Commodities Trader Pleads Guilty to Tax, Mortgage and Fraud Charges

Allison Tussey —  September 8, 2009 — 2 Comments

Michael A. Meisner, 52, Boca Raton, Florida, pled guilty before the Honorable U.S. Magistrate Judge James M. Hopkins to a three-count Information filed on September 2, 2009, which charged mail fraud, in violation of 18 U.S.C.§ 1341, loan application fraud, in violation of 18 U.S.C. § 1014, and tax evasion, in violation of 26 U.S.C. § 7201. Bond was set at a $500,000 corporate surety bond, and a $500,000 personal surety bond. Sentencing was set for November 20, 2009, at 9:30 a.m., before the Honorable U.S. District Judge Kenneth A. Marra. Meisner faces a maximum of 55 years imprisonment.

As set forth in the Information and the written proffer filed with his plea agreement, Meisner admitted that on or about April 20, 2006, he filed a false application in order to obtain a $1,000,000 mortgage loan on certain property located on NW 49th Lane, Boca Raton, Florida.

Also according to the Information and plea agreement, in approximately October, 2001, Meisner, a registered commodity trading advisor, incorporated a company called Phoenix Diversified Investment Corporation (PDIC). Meisner, through PDIC, accepted in excess of $37 million from over 260 investors through and until approximately May, 2008, when PDIC was placed into receivership and bankruptcy.

In order to solicit investors, Meisner made materially false and fraudulent statements about his background and about PDIC‘s performance, and omitted material facts. He lied to prospective investors, telling them that he was a highly successful commodities trader who had developed a commodities index software trading program that consistently resulted in profitable commodity futures trades. He provided falsified historical performance return sheets which showed high monthly returns on trades, and told prospective investors that their investments were safe and secure, and that their principal investment was guaranteed and not at risk.

Meisner failed to tell prospective investors that only approximately $13 million of the approximate $37 million in PDIC investor funds were deposited into commodities trading accounts. Though he represented profit to the investors, in reality, trades on these funds showed a net trading loss in excess of $6 million. Meisner also failed to tell potential investors that approximately $22 million of PDIC investor monies were not invested but, instead, were used to make fraudulent ponzi-type “interest payments” to prior investors.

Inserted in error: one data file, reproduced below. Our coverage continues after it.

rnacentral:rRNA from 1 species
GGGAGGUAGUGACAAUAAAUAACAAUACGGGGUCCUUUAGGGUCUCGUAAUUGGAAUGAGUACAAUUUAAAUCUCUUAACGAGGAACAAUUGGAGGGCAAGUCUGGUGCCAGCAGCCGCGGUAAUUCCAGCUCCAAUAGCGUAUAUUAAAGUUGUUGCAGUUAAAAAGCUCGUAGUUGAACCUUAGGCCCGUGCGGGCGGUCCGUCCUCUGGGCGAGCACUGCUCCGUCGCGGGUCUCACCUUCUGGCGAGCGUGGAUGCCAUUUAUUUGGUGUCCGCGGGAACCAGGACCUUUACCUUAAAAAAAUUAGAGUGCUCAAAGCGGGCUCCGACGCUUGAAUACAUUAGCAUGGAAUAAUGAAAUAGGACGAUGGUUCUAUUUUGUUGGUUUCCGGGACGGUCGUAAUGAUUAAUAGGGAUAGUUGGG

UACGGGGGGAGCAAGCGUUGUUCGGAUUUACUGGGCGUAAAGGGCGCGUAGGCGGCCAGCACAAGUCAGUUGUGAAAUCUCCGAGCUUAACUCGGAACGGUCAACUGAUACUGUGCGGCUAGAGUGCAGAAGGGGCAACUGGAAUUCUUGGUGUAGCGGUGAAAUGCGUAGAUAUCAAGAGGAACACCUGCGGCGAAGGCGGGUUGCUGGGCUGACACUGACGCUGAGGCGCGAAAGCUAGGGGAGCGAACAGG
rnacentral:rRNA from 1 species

In addition, Meisner failed to tell potential investors that approximately $6.8 million in PDIC investor monies were used to support his and his family’s luxurious lifestyle. PDIC investor monies were used to pay for, among other things: the purchase or lease of at least 15 luxury cars, including a $217,800 2005 Bentley GT and a $152,000 2005 Aston Martin; the purchase or lease of eight luxury Palm Beach county residences, including high-end single-family homes in gated communities and oceanfront condominiums; luxury vacations, private education expenses, country club fees, multiple large-screen televisions and other high-end electronics, luxury clothing and housewares, and a lavish wedding for his daughter held at Mar-A-Lago on Palm Beach.

He further admitted that from on or about October 21, 2006, up to and including the present, he evaded the payment of a large part of the $444,581 in federal income tax he reported he owed for 2005 by, among other things, using corporate PDIC business funds to pay for personal living expenses related to his lavish lifestyle.

Jeffrey H. Sloman, Acting United States Attorney for the Southern District of Florida, Michael J. Folmar, Acting Special Agent in Charge, Federal Bureau of Investigation, Miami Field Office, Daniel W. Auer, Special Agent in Charge, Internal Revenue Service, Criminal Investigation Division, Miami Field Office, and J. Thomas Cardwell, Commissioner, State of Florida’s Office of Financial Regulation, announced the guilty plea. 

Mr. Sloman commended the investigative efforts of the Federal Bureau of Investigation, the Internal Revenue Service, Criminal Investigation Division, and the State of Florida’s Office of Financial Regulation. The case is being handled by Assistant U.S. Attorney Carolyn Bell.

A copy of this press release may be found on the website of the United States Attorney’s Office for the Southern District of Florida at http://www.usdoj.gov/usao/fls. Related court documents and information may be found on the website of the District Court for the Southern District of Florida at http://www.flsd.uscourts.gov or on http://pacer.flsd.uscourts.gov.

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Allison Tussey

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2 responses to Commodities Trader Pleads Guilty to Tax, Mortgage and Fraud Charges

  1. Contract surety bonds September 24, 2009 at 10:07 pm

    It’s always a relief to see them pleading guilty, at least they still have the dignity to admit their mistakes. Frauds in Taxes and Mortgages will never stop, it’s like we never learn from mistakes.

  2. Great work.

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